Give a little to get a lot

Create “extras” to go along with your content, such as downloadable eBooks or embeddable infographics, that your audience members can access only if they tweet about the offer or fill out a contact form.

Many brands offer eBooks or extra information in exchange for filling out a lead form, but if these extras are accompanied by a full blog post, they become much more valuable and responsive to your audience’s needs.

For example, if you’re writing a blog post about a new feature of your product, include a downloadable tutorial that demonstrates how to use this feature, step by step. This cuts down on the technical details you need to include in your post, which makes it more likely to hold readers’ interest. It also allows your audience members to share the post, download the tutorial, or do both without bogging them down with details before they are ready for them.

Conclusion

People love free stuff, and if your content is always good and your “extras” are unique and relevant, audiences will likely take notice of how your brand goes above and beyond to meet their needs and interests — and will return to engage with your business again and again.

Although these tactics may not seem like outright calls to action, they can certainly drive conversion by turning your audience members into your clients/consumers and, eventually, into brand ambassadors who are invested in helping you extend your reach and impact.

For more great tips on making your content more engaging and impactful, register to attend Content Marketing World 2013, taking place on September 9–11 in Cleveland, Ohio.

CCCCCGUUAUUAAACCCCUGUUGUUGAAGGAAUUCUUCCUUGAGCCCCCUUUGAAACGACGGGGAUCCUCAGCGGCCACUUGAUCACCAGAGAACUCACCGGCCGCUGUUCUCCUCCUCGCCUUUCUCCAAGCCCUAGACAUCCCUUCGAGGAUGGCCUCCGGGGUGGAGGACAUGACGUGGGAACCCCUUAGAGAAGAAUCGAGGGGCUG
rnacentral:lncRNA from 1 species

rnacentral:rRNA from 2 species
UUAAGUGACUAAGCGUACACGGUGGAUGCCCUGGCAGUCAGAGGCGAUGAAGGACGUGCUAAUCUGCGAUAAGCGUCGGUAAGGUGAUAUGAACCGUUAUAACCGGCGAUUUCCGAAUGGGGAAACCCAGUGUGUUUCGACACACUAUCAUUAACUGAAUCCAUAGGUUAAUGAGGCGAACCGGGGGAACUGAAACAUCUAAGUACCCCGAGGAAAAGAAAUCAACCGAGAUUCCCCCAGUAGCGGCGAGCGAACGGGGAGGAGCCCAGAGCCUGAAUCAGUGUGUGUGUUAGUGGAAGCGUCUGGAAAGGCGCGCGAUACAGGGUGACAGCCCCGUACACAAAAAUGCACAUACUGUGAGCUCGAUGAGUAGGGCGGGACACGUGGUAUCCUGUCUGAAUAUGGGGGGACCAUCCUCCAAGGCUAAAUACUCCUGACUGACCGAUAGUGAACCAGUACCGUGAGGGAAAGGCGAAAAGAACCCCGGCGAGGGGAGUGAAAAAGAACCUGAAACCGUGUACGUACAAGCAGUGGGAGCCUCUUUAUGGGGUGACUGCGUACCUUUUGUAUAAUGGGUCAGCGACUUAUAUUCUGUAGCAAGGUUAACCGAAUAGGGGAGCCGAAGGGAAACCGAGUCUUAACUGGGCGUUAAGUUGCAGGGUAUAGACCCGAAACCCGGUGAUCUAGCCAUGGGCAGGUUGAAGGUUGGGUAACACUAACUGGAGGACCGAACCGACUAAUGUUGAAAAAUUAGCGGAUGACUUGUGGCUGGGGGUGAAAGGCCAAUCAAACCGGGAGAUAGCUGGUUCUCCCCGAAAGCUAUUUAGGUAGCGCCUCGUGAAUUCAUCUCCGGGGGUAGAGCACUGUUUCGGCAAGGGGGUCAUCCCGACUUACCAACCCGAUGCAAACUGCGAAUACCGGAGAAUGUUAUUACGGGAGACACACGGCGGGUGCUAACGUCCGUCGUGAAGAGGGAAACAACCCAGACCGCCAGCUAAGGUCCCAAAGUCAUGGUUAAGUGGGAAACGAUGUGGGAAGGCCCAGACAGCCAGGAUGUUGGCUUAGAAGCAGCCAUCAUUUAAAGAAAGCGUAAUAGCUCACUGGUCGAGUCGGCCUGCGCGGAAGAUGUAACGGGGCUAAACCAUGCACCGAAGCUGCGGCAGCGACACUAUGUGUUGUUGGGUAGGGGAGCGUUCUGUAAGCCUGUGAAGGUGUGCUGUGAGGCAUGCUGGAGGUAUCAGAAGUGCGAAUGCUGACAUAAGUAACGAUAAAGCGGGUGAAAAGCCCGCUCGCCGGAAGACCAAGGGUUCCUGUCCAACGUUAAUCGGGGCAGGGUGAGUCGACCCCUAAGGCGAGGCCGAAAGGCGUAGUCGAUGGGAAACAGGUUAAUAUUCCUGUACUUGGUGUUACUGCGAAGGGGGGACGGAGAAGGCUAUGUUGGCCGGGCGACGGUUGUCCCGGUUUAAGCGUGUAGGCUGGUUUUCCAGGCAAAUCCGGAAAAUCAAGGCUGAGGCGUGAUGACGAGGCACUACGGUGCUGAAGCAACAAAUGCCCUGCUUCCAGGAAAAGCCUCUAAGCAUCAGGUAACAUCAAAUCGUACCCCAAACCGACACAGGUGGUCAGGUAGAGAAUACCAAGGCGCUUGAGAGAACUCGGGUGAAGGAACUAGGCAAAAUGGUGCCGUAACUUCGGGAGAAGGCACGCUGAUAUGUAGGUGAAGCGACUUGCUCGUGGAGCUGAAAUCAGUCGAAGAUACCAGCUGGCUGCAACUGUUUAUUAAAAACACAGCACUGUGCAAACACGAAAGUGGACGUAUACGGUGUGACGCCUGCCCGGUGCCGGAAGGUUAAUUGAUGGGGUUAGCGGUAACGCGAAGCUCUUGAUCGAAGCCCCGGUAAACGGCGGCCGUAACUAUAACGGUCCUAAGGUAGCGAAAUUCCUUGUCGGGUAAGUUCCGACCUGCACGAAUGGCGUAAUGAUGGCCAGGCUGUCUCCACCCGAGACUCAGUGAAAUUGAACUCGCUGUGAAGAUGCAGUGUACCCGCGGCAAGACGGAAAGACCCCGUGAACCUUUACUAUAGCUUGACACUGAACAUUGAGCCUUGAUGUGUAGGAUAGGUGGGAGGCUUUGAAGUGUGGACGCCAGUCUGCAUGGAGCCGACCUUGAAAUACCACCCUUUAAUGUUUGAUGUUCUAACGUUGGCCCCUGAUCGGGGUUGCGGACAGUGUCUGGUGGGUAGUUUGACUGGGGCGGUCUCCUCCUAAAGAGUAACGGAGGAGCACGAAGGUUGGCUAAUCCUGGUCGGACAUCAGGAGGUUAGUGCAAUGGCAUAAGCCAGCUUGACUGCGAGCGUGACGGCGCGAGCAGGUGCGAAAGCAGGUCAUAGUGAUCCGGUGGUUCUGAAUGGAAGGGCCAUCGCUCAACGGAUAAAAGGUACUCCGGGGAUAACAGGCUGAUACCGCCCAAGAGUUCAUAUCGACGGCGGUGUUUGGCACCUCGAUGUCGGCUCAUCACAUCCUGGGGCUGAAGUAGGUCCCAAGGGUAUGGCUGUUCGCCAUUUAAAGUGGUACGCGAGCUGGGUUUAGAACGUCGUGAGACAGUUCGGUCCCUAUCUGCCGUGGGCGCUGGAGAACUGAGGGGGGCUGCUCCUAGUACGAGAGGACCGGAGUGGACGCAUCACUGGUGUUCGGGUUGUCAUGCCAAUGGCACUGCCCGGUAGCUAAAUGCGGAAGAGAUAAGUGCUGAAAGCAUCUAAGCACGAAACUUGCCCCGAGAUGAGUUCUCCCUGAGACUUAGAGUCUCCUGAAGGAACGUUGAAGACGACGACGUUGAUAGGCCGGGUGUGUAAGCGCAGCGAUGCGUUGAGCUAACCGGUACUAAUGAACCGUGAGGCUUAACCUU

Cover image via Bigstock

Author: Megan Brown

Megan Brown is the Social Media Strategist at iAcquire. Teaming up with the rest of the inbound marketing department, Megan creates and innovates within the social space to boost and cultivate client reach, reputation and resonance as well as develops advanced relationship creation and outreach techniques. When not cheering on her favorite baseball team, the Milwaukee Brewers, Megan is a personal branding and online reputation consultant for high profile social media personalities. You can find her on Twitter at @thatgirlmegan or @thatgirlondeck, or writing on the iAcquire blog.

Other posts by Megan Brown

  • http://writtent.com/ Sasha Zinevych

    Megan, how much should call-to-action take in an article? Is it just 2-3 sentences? Should they sound like “we hope that you leave comments” or “be sure to leave comments”? That’s a generalization but I hope you got the idea.

  • http://twitter.com/JKaufman13 Jake Kaufman

    creating “special access” for shared material is a great insight!

    it’s surprising how little content on-line leverages calls to action. the best content inspires or informs us, as well as gives us a clear path to do something about it. thanks for the article, it was super helpful!

  • Sarah Bauer

    It’s great to see a post that goes beyond the standard CTA structure (“Click here for more!”, “Buy Now!”, etc), and digs into the actual offers, suggestions, and instructions that compel users to take action. There’s a psychology behind it all.

    Cheers
    Sarah Bauer
    Navigator Multimedia